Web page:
At TM3 Wealth, it is important that you are well informed about what is happening in the markets. Here are a few of the key topics of conversation that deserve the most attention this month. If you have any questions or would like to continue the conversation please reach out.
Inflation ticked up once again in June, with the Consumer Price Index increasing 9.1% from the year prior, up from May’s 8.6% increase1. Price increases were spread broadly across the economy, though surging energy prices accounted for almost half of the overall increase. Pain at the pump in June drove headlines with gasoline up 59.9% and overall energy up 41.6% over the year. If there is any silver lining, core inflation, which excludes food and energy, slowed for the third month, rising “only” 5.9% over the year, down from 6.0% in May and 6.5% in March.
Accelerating inflation continues to put pressure on the Fed, prompting more aggressive rate increases than was anticipated just a few months ago and pushing up the market’s expectations of the Fed’s next decision. Following June’s inflation report on July 13th, the expectations for the outcome of the next meeting jumped sharply to an 80% probability of a 100 basis point hike2. However, especially over the last few months, these expectations can shift abruptly. A few short weeks ago on July 5th that same probability was zero.
While the consumer may have taken a breather in May, they came back in June with retail salesclimbing 1.0%3. While spending at gas stations was driven by surging gas prices, increases in online shopping and furniture sales both exceeded their dips in May. Falling gas prices thus far in July will likely lower the headline data next month. It is also likely to boost consumer sentiment which has already improved from the preliminary July survey4. Feelings about the current economic situation had their biggest jump since April last year and, looking ahead, consumers’ long-term inflation expectations fell to a one-year low of 2.8%.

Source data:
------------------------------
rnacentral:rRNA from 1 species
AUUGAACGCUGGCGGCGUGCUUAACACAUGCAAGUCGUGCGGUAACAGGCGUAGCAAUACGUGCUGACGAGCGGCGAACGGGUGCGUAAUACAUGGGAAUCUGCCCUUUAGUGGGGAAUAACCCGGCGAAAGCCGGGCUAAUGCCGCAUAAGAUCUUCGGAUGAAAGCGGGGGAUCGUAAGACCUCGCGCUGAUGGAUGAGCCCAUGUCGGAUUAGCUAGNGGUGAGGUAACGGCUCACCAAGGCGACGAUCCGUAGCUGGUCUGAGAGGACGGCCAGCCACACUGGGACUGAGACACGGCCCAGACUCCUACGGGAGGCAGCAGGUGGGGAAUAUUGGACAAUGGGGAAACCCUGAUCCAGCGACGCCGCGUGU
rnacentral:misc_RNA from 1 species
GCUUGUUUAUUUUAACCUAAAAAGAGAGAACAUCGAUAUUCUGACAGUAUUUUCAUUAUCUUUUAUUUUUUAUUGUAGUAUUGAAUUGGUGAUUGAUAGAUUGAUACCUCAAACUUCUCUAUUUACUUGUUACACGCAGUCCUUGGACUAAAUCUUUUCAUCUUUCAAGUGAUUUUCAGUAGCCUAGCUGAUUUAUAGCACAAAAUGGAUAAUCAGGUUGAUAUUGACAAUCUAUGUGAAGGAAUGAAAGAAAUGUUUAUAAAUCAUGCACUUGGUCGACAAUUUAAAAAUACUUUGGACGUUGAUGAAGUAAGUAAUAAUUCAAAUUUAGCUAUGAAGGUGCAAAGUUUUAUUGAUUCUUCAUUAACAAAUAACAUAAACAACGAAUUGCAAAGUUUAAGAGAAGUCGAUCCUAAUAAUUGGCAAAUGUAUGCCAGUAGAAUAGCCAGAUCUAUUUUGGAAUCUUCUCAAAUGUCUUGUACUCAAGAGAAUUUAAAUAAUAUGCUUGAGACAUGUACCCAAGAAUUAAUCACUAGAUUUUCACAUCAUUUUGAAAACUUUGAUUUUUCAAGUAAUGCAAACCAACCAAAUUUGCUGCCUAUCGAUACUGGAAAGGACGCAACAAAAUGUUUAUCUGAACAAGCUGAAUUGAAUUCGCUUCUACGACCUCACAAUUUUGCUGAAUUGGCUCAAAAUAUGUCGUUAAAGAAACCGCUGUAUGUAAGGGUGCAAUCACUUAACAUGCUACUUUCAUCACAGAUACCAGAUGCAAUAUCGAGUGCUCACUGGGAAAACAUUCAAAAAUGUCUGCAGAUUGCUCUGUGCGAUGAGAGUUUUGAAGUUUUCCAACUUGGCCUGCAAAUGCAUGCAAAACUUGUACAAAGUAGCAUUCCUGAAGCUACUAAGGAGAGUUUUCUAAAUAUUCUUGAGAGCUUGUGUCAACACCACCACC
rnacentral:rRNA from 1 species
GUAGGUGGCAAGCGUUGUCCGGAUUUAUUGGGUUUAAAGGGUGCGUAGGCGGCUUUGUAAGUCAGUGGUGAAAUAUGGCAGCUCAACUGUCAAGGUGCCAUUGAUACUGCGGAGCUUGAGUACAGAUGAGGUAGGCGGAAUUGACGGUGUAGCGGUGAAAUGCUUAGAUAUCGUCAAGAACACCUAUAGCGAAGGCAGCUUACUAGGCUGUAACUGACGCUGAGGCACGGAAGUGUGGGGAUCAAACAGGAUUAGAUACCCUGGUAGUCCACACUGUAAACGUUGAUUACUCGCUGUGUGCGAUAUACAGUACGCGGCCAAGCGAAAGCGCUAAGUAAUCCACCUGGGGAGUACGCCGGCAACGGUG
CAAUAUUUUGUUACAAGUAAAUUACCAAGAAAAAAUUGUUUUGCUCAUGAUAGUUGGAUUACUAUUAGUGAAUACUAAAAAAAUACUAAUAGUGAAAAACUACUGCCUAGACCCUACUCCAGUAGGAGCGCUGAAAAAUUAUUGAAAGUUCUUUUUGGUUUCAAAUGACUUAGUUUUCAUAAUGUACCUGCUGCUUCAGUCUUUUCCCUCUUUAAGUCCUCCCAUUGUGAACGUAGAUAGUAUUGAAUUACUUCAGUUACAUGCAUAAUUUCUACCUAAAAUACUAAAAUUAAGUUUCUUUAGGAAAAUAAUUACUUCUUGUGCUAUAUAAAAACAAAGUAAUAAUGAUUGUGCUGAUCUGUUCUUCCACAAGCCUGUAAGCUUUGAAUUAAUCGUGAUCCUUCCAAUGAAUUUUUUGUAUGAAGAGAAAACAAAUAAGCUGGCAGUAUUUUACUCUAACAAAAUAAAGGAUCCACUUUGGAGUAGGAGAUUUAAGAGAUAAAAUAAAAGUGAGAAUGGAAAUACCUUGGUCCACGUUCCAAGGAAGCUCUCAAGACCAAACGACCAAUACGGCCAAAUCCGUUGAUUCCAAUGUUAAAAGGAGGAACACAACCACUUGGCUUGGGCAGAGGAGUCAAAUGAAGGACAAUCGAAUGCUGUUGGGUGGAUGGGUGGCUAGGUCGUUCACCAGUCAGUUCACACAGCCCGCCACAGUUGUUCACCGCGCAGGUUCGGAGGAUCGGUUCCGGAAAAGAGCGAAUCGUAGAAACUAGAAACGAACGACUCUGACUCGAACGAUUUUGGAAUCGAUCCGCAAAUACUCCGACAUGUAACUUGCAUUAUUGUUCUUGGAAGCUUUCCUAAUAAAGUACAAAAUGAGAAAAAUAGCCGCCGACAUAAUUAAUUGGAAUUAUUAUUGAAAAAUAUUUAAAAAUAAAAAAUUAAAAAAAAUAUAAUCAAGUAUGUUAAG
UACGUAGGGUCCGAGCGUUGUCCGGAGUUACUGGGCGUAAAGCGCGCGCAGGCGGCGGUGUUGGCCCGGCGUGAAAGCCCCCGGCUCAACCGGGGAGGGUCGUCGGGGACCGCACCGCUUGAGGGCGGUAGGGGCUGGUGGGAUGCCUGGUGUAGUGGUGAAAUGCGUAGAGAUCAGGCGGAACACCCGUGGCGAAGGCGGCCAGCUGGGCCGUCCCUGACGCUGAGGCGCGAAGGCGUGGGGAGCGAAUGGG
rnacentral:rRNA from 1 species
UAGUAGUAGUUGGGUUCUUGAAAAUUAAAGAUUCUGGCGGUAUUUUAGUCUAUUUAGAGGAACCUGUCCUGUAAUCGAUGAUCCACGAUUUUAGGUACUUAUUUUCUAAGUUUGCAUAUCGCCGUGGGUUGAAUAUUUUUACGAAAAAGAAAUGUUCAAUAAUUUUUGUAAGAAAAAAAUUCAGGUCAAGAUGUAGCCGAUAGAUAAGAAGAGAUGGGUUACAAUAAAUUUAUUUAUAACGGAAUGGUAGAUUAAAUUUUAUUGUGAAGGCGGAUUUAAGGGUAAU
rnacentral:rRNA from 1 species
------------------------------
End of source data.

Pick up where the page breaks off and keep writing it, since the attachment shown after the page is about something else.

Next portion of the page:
Continued fears about the state of the economy resulted in increasing recession debates. The second quarter’s GDP report, coming July 28th, will be critical in either calming or fanning these fears. While the NBER makes official recession calls, how resilient, or not, the economy has been over the quarter will likely be an important input into what the rest of the quarter, and year, may have in store. Though, if the US was in a recession over the last six months, it will be the first recession that hasn’t had multiple months of job losses, at least since nonfarm payrolls data began in 1939. The most recent month of job losses was December 2020.
The bottom line: There doesn’t appear to be any light at the end of the tunnel of the Fed and inflation continuing to rule the day. The market’s focus will likely turn to the end of July with both the Fed decision, as well as the second-quarter GDP report, coming out on back-to-back days. Concern over the state of the economy has been simmering and these two events may well shape the narrative around the third quarter.
1. Bureau of Labor Statistics, https://www.bls.gov/news.release/cpi.nr0.htm
2. CME FedWatch Tool, https://www.cmegroup.com/trading/interest-rates/countdown-to-fomc.html
3. Census Bureau
4. University of Michigan
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The Consumer Price Index (CPI) is a measure of the average change over time in the prices paid by urban consumers for a market basket of consumer goods and services.
The Michigan Consumer Sentiment Index (MCSI) is a monthly survey of consumer confidence levels in the United States conducted by the University of Michigan.
Gross domestic product (GDP) is the total monetary or market value of all the finished goods and services produced within a country’s borders in a specific time period. As a broad measure of overall domestic production, it functions as a comprehensive scorecard of a given country’s economic health.
The National Bureau of Economic Research (NBER) is an American, non-profit, non-partisan organization dedicated to conducting and to disseminating unbiased economic research among public policymakers, business professionals, and the academic community. The NBER is well known for providing start and end dates for recessions in the United States.
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